Category Archive: Manufacturing
Be it pipes or aircraft parts, structures constructed with the best of material and engineered sensibility are not immune to wear and tear. There might be corrosion. There might be breaches and dents. And there might be unseemly scratches that gradually affect strength and integrity of the unit. Under such circumstances corrective measures are essential to ensure the safety where the structure is installed and its optimal contribution to the process it serves.
WichiTech Industries Inc. is a market leader in the domain of portable composite repair systems. Crafted keeping in mind the rigorous needs of the job, the systems are a fine balance of cutting edge technology, economy and robustness. Many industries depend on WichiTech kits and accessories to conduct emergency repair exercises that stall the need for costly and inconvenient replacements.
Some WichiTech Industries Inc. Repair Accessories:
Composite repair kits are comprehensive unto themselves. But there are a couple of accessories that help take their effectiveness up a notch and are highly recommended by domain experts who can re-create ideal repair conditions without the laboratory set-up.
- Heating Blankets – WichiTech heating blankets come in a number of varieties. There are standards sheets as well as custom formations for 3D objects of awkward shapes. These heating blankets are guaranteed to maintain a uniform temperature profile over a given area to assist curation of repair agents as needed.
- Portable Vacuum Pump Kits – WichiTech Vacuum pump kits are small yet powerful. They prove useful in sucking away air and particulate matter that might negatively impact the repair process by chemically reacting with the deposited agents and strengtheners.
WichiTech also stocks printers, student training kits and vacuum accessories to assist the restoration to operational condition of units made of carbon, boron and even Kevlar. Please get in touch with us at 800.776.4277 to learn more about our catalogue of products.
When it comes to offshore wind energy, the U.S. has been lagging behind European countries for years. Denmark was the first country to venture into the ocean to produce wind energy back in 1991. Although England has a record number of offshore wind farms and is leading the pack, to date, only 3 percent of wind power comes from offshore wind farms.
While the U.S. has numerous wind farms throughout the states, the first offshore wind farm is going up just off the shores of Rhode Island. The project has been named Block Island Wind Farm and will host five turbines. The turbines should start producing by the end of 2016 and they are expected to deliver enough energy for 350,000 homes in New York and other New England states. Wind energy in the U.S. helps produce needed electricity and cuts down on non-renewable energy, and it provides a host of jobs as well.
According to the American Wind Energy Association (AWEA), the industry added 23,000 jobs last year and had a record beginning in 2015. Significant growth is expected to increase the number of jobs, as more and more states turn to wind energy. Currently, Texas is leading the industry by employing over 17,000, while Colorado and Iowa come in behind Texas with roughly 6,000 wind energy jobs per state.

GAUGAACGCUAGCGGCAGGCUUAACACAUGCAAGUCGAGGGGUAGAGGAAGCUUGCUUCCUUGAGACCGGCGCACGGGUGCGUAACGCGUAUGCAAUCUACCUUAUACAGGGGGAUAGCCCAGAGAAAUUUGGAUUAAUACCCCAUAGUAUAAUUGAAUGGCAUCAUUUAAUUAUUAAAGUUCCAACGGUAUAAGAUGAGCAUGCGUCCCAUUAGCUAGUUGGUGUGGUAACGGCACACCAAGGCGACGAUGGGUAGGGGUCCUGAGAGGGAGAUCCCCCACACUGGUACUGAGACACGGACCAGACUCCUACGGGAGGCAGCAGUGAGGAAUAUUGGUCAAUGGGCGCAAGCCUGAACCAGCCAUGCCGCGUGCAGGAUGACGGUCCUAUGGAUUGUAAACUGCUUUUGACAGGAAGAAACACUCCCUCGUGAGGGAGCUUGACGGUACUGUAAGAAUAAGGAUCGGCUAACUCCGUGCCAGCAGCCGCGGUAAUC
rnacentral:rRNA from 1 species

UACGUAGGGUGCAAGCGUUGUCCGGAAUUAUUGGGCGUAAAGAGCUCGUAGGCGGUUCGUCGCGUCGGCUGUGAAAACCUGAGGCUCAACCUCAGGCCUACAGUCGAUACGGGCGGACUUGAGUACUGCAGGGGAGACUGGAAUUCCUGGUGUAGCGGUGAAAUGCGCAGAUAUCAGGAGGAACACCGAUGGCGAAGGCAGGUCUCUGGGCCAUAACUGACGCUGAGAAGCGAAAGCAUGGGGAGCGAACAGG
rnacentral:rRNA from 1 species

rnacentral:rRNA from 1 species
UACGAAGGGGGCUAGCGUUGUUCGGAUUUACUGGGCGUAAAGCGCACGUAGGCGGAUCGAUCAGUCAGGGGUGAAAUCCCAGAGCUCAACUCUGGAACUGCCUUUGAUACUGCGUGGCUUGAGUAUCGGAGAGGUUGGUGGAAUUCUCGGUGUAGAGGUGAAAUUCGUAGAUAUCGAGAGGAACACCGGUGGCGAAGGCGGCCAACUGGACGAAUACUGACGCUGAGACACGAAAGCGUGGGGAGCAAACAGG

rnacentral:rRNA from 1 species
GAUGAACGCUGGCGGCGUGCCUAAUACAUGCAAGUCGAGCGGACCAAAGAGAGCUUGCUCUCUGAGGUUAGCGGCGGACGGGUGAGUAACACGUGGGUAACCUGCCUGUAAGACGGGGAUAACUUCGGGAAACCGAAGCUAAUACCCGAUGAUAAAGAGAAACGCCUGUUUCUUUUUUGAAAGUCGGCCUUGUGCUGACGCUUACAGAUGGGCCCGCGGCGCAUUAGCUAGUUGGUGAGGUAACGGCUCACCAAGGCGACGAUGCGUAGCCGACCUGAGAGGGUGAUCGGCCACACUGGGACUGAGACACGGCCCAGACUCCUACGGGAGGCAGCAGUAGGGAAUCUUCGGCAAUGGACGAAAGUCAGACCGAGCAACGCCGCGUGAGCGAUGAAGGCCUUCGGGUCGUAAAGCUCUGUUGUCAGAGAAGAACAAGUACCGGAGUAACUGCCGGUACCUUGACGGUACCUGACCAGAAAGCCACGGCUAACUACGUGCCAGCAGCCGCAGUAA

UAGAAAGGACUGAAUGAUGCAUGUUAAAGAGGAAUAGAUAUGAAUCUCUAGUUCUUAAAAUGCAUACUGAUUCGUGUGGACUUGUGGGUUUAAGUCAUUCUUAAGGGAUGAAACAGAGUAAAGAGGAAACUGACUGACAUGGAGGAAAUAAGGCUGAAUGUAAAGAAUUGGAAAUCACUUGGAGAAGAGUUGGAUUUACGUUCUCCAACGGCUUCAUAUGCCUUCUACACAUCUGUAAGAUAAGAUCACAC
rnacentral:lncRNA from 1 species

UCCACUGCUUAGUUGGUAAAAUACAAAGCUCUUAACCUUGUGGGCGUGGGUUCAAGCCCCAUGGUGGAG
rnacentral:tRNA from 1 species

In order to continue the growth of the wind energy sector, laws and regulations will need to be addressed. Although the U.S. has finally gotten into wind power, China isn’t far behind and will likely take over in the amount they produce. This takeover could happen as soon as a few years down the road. While there are those in power who prefer to rely on gas and oil, it seems as if wind power has taken on a life of its own and may soon become a major player in the energy sector. With proper regulation and laws, this industry could provide many, much needed, good paying jobs.
After experiencing the great recession, the United States economy is now rising. The US manufacturing is starting to rise through the annual contribution of American factories, which summed up to around $2 trillion. This information was delivered Jay Timmons, National Association of Manufacturers (NAM) President to the Economic Club of Minnesota on his visit to Washington D.C. The Economic Club of Minnesota includes Cargill, Apogee, 3M Co., Ecolab, and Donaldson Co.
According to Timmons, Minnesota is the home of the most noticeable, robust and resilient manufactures nationwide.
With this, Minnesota factories are now reviving from the trip during the Great Recession despite some restrictions including crippling government regulations, trade policies, backed-up railways and ports, and collapsing roads. Fortunately, after terminating staffs and employees during the Great Recession, they are now hiring new people and give one in every state job.
With 88,000 workers and staffs all over the 70 countries, these manufacturers have 3 million global reach. Timmons commended several companies like Bloomington-based Apogee, manufacturer of architectural glass, and Graco, foam-spraying equipment and machine manufacturer for its expertise and great performances.
Similarly, Douglas Baker, Ecolab CEO, identify NAM as a “champion” in promoting U.S Manufacturers. Moreover, he recognized Timmons as “one of the top shakers and movers” in Washington D.C. Timmons was also credited for becoming persistent on promoting manufacturers on Capitol Hill.
In an interview, Timmons said that he is dedicated in sharing the industry’s challenges and success with the members worldwide. Aside from Minneapolis, he plans to visit 12 more countries on the next three weeks. These prospect countries include Texas, Alabama, Colorado, Washington state cities, Detroit, and Cleveland.
Besides his continuous success and accomplishments, Timmons also disclosed the fact that manufacturing sectors are facing significant challenges and changes. With this, he pleaded to factory heads to minimize broader trade policies, burdensome regulations. Instead, build and improve railways, ports and roads, and submit legislation with long-term U.S manufacturers financing options.